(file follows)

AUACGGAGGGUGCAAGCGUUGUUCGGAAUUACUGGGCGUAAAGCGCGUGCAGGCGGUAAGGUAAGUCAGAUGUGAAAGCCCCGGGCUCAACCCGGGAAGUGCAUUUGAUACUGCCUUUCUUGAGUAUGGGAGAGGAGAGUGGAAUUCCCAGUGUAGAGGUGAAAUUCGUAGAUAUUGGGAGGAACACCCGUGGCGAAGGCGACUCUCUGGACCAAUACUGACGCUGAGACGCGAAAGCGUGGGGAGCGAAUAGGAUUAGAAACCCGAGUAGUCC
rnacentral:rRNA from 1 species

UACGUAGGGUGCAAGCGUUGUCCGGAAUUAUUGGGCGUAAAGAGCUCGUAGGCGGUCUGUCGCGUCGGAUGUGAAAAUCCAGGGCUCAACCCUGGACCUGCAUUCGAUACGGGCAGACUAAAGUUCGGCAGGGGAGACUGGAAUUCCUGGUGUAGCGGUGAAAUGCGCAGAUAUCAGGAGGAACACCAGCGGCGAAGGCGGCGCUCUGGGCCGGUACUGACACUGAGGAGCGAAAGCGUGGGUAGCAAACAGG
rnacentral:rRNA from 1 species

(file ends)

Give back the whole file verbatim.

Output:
AUACGGAGGGUGCAAGCGUUGUUCGGAAUUACUGGGCGUAAAGCGCGUGCAGGCGGUAAGGUAAGUCAGAUGUGAAAGCCCCGGGCUCAACCCGGGAAGUGCAUUUGAUACUGCCUUUCUUGAGUAUGGGAGAGGAGAGUGGAAUUCCCAGUGUAGAGGUGAAAUUCGUAGAUAUUGGGAGGAACACCCGUGGCGAAGGCGACUCUCUGGACCAAUACUGACGCUGAGACGCGAAAGCGUGGGGAGCGAAUAGGAUUAGAAACCCGAGUAGUCC
rnacentral:rRNA from 1 species

UACGUAGGGUGCAAGCGUUGUCCGGAAUUAUUGGGCGUAAAGAGCUCGUAGGCGGUCUGUCGCGUCGGAUGUGAAAAUCCAGGGCUCAACCCUGGACCUGCAUUCGAUACGGGCAGACUAAAGUUCGGCAGGGGAGACUGGAAUUCCUGGUGUAGCGGUGAAAUGCGCAGAUAUCAGGAGGAACACCAGCGGCGAAGGCGGCGCUCUGGGCCGGUACUGACACUGAGGAGCGAAAGCGUGGGUAGCAAACAGG
rnacentral:rRNA from 1 species